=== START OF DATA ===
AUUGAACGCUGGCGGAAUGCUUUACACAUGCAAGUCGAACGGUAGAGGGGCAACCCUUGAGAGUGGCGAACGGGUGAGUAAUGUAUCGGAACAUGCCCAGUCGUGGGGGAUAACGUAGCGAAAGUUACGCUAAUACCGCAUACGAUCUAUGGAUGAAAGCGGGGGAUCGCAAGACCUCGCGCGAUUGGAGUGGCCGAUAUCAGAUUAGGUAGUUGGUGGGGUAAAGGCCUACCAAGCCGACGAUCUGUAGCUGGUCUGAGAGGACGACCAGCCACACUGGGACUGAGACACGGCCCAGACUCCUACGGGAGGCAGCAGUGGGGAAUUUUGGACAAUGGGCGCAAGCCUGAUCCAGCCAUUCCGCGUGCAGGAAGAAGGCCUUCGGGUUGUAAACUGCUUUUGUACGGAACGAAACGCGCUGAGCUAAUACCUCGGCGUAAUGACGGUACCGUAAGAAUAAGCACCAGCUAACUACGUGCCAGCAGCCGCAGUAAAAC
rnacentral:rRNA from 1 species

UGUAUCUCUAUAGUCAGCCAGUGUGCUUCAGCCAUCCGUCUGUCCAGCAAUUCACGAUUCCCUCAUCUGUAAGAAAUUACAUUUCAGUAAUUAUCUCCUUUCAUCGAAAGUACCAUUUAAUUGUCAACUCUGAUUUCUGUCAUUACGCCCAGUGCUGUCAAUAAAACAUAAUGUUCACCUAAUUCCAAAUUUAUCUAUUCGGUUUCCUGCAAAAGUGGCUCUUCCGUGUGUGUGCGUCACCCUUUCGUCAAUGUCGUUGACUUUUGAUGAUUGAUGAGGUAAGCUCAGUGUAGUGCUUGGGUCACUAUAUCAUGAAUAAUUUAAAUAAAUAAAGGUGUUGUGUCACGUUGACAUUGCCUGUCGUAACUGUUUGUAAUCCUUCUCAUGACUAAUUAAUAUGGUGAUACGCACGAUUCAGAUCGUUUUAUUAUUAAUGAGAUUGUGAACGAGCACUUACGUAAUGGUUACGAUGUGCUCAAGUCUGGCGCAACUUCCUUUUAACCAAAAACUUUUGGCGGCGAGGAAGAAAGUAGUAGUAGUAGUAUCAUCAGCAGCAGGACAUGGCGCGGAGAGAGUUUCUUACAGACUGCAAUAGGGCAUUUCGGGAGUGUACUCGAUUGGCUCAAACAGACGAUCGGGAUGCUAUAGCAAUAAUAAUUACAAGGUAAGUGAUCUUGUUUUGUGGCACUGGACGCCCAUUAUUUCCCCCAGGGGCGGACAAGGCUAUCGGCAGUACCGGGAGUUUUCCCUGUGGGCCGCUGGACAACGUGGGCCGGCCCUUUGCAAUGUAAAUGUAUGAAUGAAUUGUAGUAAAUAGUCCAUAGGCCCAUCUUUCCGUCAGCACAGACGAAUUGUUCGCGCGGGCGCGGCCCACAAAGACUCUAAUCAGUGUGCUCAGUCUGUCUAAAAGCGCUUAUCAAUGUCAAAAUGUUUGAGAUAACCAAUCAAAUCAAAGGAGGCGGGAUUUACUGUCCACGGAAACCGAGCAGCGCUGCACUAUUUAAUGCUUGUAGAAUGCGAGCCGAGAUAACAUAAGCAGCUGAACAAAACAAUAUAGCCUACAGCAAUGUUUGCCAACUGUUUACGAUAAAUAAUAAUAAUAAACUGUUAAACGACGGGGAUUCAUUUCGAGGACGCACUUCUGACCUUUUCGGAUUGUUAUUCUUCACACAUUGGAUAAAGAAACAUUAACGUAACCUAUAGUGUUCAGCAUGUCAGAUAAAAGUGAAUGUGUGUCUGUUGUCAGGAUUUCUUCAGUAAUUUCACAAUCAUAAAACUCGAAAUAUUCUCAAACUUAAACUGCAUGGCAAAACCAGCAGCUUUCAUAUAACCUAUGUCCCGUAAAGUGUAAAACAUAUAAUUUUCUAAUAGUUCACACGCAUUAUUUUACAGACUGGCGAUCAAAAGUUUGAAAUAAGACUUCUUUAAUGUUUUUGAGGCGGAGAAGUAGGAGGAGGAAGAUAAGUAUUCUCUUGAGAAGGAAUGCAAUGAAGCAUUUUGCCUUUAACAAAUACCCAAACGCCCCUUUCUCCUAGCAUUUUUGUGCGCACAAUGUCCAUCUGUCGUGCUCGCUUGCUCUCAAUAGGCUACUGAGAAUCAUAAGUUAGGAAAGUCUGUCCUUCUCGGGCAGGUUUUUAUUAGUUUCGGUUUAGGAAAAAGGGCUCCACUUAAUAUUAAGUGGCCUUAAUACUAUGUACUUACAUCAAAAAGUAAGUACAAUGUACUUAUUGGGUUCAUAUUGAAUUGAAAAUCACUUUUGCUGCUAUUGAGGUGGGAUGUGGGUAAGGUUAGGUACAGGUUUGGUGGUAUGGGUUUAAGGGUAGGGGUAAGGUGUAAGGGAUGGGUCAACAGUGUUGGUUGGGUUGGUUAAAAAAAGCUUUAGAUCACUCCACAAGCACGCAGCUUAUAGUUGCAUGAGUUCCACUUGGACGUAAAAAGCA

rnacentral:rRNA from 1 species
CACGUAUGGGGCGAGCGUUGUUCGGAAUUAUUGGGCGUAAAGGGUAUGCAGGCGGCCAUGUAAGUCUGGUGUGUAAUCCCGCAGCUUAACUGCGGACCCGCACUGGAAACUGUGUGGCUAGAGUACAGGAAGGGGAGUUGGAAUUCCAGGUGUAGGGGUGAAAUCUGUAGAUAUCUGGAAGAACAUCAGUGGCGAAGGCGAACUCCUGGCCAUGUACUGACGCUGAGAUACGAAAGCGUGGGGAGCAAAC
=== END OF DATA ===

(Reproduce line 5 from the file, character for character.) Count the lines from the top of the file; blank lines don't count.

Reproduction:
CACGUAUGGGGCGAGCGUUGUUCGGAAUUAUUGGGCGUAAAGGGUAUGCAGGCGGCCAUGUAAGUCUGGUGUGUAAUCCCGCAGCUUAACUGCGGACCCGCACUGGAAACUGUGUGGCUAGAGUACAGGAAGGGGAGUUGGAAUUCCAGGUGUAGGGGUGAAAUCUGUAGAUAUCUGGAAGAACAUCAGUGGCGAAGGCGAACUCCUGGCCAUGUACUGACGCUGAGAUACGAAAGCGUGGGGAGCAAAC